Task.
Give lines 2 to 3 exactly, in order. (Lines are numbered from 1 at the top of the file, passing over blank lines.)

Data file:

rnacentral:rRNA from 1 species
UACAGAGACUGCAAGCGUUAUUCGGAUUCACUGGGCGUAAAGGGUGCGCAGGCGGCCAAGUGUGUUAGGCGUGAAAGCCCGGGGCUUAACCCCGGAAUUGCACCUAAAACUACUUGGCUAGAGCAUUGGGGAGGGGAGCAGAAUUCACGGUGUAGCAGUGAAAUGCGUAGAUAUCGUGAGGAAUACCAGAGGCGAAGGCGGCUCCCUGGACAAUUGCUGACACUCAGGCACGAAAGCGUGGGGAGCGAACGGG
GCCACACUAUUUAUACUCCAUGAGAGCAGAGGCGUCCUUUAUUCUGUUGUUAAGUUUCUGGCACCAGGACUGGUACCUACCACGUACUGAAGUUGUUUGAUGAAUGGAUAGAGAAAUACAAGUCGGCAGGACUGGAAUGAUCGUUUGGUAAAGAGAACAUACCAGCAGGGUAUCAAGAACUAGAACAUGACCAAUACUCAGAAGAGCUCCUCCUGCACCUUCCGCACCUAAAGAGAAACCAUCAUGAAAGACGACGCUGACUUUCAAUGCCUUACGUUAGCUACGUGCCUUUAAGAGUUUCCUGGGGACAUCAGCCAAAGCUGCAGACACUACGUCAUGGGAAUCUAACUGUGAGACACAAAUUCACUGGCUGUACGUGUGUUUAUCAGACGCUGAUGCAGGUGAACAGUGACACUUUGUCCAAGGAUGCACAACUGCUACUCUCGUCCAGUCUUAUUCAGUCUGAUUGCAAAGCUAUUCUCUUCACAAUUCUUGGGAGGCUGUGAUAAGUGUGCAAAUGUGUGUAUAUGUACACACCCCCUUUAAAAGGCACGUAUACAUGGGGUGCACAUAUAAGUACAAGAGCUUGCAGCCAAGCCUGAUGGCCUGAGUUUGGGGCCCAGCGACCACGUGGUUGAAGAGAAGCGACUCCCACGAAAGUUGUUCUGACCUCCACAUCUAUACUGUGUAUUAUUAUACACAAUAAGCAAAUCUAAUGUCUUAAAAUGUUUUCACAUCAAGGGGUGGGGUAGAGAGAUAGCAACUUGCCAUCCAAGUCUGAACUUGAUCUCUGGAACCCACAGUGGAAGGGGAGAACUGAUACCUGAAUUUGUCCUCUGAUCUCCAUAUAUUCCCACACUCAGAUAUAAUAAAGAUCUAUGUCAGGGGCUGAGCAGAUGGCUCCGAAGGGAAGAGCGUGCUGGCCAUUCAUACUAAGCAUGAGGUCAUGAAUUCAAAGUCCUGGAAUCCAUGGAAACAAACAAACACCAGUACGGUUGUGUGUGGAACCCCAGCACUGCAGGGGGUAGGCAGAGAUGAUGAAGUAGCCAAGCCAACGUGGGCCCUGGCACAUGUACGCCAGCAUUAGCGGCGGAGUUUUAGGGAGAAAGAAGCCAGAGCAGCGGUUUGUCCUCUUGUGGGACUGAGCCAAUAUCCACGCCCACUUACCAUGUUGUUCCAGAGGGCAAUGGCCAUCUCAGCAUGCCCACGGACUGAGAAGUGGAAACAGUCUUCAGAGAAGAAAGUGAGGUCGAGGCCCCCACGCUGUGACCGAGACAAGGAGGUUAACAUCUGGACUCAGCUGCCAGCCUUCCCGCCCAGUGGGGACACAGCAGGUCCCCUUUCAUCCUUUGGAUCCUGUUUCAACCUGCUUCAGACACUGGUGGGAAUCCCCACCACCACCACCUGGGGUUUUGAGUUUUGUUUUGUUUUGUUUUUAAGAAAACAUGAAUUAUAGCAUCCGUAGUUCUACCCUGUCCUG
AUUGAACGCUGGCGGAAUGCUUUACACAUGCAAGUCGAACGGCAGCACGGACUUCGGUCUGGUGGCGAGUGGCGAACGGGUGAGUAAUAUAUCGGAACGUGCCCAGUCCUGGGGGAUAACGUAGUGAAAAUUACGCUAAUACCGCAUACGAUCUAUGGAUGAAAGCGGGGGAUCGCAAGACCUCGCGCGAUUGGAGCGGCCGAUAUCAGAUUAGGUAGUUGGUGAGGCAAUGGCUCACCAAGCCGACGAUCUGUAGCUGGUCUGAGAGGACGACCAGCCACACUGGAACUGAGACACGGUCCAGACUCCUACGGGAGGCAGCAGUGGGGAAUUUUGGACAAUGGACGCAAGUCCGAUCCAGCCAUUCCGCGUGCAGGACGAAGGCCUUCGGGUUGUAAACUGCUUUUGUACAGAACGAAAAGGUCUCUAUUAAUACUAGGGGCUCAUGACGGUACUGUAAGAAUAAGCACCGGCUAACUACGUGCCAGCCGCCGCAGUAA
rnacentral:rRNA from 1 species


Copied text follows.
UACAGAGACUGCAAGCGUUAUUCGGAUUCACUGGGCGUAAAGGGUGCGCAGGCGGCCAAGUGUGUUAGGCGUGAAAGCCCGGGGCUUAACCCCGGAAUUGCACCUAAAACUACUUGGCUAGAGCAUUGGGGAGGGGAGCAGAAUUCACGGUGUAGCAGUGAAAUGCGUAGAUAUCGUGAGGAAUACCAGAGGCGAAGGCGGCUCCCUGGACAAUUGCUGACACUCAGGCACGAAAGCGUGGGGAGCGAACGGG
GCCACACUAUUUAUACUCCAUGAGAGCAGAGGCGUCCUUUAUUCUGUUGUUAAGUUUCUGGCACCAGGACUGGUACCUACCACGUACUGAAGUUGUUUGAUGAAUGGAUAGAGAAAUACAAGUCGGCAGGACUGGAAUGAUCGUUUGGUAAAGAGAACAUACCAGCAGGGUAUCAAGAACUAGAACAUGACCAAUACUCAGAAGAGCUCCUCCUGCACCUUCCGCACCUAAAGAGAAACCAUCAUGAAAGACGACGCUGACUUUCAAUGCCUUACGUUAGCUACGUGCCUUUAAGAGUUUCCUGGGGACAUCAGCCAAAGCUGCAGACACUACGUCAUGGGAAUCUAACUGUGAGACACAAAUUCACUGGCUGUACGUGUGUUUAUCAGACGCUGAUGCAGGUGAACAGUGACACUUUGUCCAAGGAUGCACAACUGCUACUCUCGUCCAGUCUUAUUCAGUCUGAUUGCAAAGCUAUUCUCUUCACAAUUCUUGGGAGGCUGUGAUAAGUGUGCAAAUGUGUGUAUAUGUACACACCCCCUUUAAAAGGCACGUAUACAUGGGGUGCACAUAUAAGUACAAGAGCUUGCAGCCAAGCCUGAUGGCCUGAGUUUGGGGCCCAGCGACCACGUGGUUGAAGAGAAGCGACUCCCACGAAAGUUGUUCUGACCUCCACAUCUAUACUGUGUAUUAUUAUACACAAUAAGCAAAUCUAAUGUCUUAAAAUGUUUUCACAUCAAGGGGUGGGGUAGAGAGAUAGCAACUUGCCAUCCAAGUCUGAACUUGAUCUCUGGAACCCACAGUGGAAGGGGAGAACUGAUACCUGAAUUUGUCCUCUGAUCUCCAUAUAUUCCCACACUCAGAUAUAAUAAAGAUCUAUGUCAGGGGCUGAGCAGAUGGCUCCGAAGGGAAGAGCGUGCUGGCCAUUCAUACUAAGCAUGAGGUCAUGAAUUCAAAGUCCUGGAAUCCAUGGAAACAAACAAACACCAGUACGGUUGUGUGUGGAACCCCAGCACUGCAGGGGGUAGGCAGAGAUGAUGAAGUAGCCAAGCCAACGUGGGCCCUGGCACAUGUACGCCAGCAUUAGCGGCGGAGUUUUAGGGAGAAAGAAGCCAGAGCAGCGGUUUGUCCUCUUGUGGGACUGAGCCAAUAUCCACGCCCACUUACCAUGUUGUUCCAGAGGGCAAUGGCCAUCUCAGCAUGCCCACGGACUGAGAAGUGGAAACAGUCUUCAGAGAAGAAAGUGAGGUCGAGGCCCCCACGCUGUGACCGAGACAAGGAGGUUAACAUCUGGACUCAGCUGCCAGCCUUCCCGCCCAGUGGGGACACAGCAGGUCCCCUUUCAUCCUUUGGAUCCUGUUUCAACCUGCUUCAGACACUGGUGGGAAUCCCCACCACCACCACCUGGGGUUUUGAGUUUUGUUUUGUUUUGUUUUUAAGAAAACAUGAAUUAUAGCAUCCGUAGUUCUACCCUGUCCUG